Owners Say The Darndest Things

Much of the baseball world was abuzz this week over the comments Fred Wilpon made in The New Yorker about his players and team. The attention is understandable, since the comments appear to be both wrong on the merits and antithetical to Wilpon's own self-interest. But ill-advised comments are nothing new for baseball owners.

After all, as Bill Veeck once said, "Baseball must be a great game, because the owners haven't been able to kill it." I thought it would be fun to see what the closest historical comparables are for each of Wilpon's gaffes this week (by all means, let me know in the comments section if I'm missing any – these are far from scientific conclusions).

On Carlos Beltran: “We had some schmuck in New York who paid him based on that one series. He’s sixty five to seventy per cent of what he was.”

Closest comp: When George Steinbrenner said of Dave Winfield: "Where is Reggie Jackson? We need a Mr. October or a Mr. September. Winfield is Mr. May."

Similarities include criticizing a player for only coming through during a specific time of year. Naturally, Beltran hasn't had much chance to come through during postseasons for the Mets. Even his famous 'failure' – a strikeout to end Game 7 of the 2006 NLCS – came in a series in which he hit three home runs.

On Jose Reyes: "He thinks he’s going to get Carl Crawford money,” Wilpon said, referring to the left fielder's seven-year, $142MM contract with Boston. “He’s had everything wrong with him,” Wilpon said of Reyes. “He won’t get it.”

Closest comp: When Reds owner Bill DeWitt sent Frank Robinson to Baltimore for pitchers Milt Pappas and Jack Baldschun and outfielder Dick Simpson in January 1966, he defended the trade by explaining that Robinson was "an old 30." Robinson went on to win the triple crown for Baltimore in 1966, and starred with the Orioles for many seasons to come.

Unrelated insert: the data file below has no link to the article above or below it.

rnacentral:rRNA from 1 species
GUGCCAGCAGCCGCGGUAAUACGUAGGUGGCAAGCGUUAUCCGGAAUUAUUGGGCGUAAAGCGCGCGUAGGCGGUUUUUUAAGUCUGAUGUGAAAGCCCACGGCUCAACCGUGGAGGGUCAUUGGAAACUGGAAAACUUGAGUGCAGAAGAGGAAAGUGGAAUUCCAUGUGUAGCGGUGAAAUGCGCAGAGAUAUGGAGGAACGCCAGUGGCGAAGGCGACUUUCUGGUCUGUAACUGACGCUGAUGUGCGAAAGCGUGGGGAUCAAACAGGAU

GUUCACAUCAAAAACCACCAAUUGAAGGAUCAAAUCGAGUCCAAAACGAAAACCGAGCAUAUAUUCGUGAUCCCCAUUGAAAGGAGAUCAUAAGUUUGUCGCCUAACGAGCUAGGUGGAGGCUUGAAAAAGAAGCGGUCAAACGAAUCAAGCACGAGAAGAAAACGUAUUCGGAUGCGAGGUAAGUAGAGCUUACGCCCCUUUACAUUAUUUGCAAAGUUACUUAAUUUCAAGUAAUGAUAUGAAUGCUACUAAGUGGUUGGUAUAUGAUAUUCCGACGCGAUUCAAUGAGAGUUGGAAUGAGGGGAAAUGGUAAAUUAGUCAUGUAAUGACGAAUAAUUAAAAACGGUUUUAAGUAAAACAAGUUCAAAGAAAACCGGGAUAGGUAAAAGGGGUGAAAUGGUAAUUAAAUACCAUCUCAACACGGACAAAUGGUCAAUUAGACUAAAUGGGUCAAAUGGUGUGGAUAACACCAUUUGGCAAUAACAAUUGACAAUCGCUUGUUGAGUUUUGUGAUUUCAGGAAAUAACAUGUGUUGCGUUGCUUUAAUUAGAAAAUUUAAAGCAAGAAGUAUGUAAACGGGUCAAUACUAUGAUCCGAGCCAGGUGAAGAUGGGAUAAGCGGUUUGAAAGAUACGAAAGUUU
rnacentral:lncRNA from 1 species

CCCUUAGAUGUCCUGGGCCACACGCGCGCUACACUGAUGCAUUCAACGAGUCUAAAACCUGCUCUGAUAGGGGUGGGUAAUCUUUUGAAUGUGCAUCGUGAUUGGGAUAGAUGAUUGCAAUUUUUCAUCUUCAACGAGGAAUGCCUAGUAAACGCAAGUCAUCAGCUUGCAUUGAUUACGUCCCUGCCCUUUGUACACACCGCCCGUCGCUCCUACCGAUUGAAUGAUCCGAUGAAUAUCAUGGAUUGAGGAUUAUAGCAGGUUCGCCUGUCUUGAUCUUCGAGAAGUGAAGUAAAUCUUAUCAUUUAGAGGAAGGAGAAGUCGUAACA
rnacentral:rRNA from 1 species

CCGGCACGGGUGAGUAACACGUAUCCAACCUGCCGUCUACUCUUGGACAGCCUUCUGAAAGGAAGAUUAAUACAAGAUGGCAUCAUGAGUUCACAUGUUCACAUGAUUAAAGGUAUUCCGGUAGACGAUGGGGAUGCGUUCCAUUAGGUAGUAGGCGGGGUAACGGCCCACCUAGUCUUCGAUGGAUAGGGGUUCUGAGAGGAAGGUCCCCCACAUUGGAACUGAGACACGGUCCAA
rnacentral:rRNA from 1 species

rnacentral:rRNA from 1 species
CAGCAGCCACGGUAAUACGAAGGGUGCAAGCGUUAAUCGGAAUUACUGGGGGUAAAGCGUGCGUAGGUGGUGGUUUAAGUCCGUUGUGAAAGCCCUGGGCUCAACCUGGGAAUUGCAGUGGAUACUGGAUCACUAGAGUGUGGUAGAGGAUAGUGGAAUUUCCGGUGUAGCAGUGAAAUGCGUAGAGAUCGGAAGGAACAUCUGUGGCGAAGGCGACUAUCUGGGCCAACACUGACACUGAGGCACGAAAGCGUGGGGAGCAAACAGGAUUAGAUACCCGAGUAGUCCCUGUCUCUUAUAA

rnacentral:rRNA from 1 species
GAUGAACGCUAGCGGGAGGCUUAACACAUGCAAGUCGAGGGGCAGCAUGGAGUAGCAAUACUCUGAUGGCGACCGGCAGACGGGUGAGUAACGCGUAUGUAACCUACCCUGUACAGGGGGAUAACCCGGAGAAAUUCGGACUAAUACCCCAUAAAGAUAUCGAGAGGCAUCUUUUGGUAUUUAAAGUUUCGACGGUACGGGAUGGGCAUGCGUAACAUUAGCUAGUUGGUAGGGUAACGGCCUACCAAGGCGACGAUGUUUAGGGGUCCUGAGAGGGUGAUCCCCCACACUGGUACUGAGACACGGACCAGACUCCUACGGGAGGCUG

Similarities include a shocking misread of the market for a player, and an attempt to denigrate an in-prime star. DeWitt was wise enough to wait until after he traded his player, of course.

On David Wright: "He’s pressing,” Wilpon said. “A really good kid. A very good player. Not a superstar.”

Closest comp: Charlie Finley said to Vida Blue after the 1972 season, "So you won twenty games? Why didn't you win thirty?"

Similarities include a failure to recognize elite talent right in front of him. However, Finley had a larger purpose: to pay Blue less in ongoing contract negotiations. With Wright signed through 2013, Wilpon's motivations are far less clear.

On the Mets: “Good hitter,” Wilpon said in reference to first baseman Ike Davis. “S***** team—good hitter. Lousy clubs — that’s what happens.”

Closest comp: Anything George Steinbrenner ever said after the Yankees lost in the playoffs.

Similarities include the disparaging of the very team each man owned. The difference was that in Steinbrenner's case, the Yankees had usually won well over 90 games and made the playoffs.


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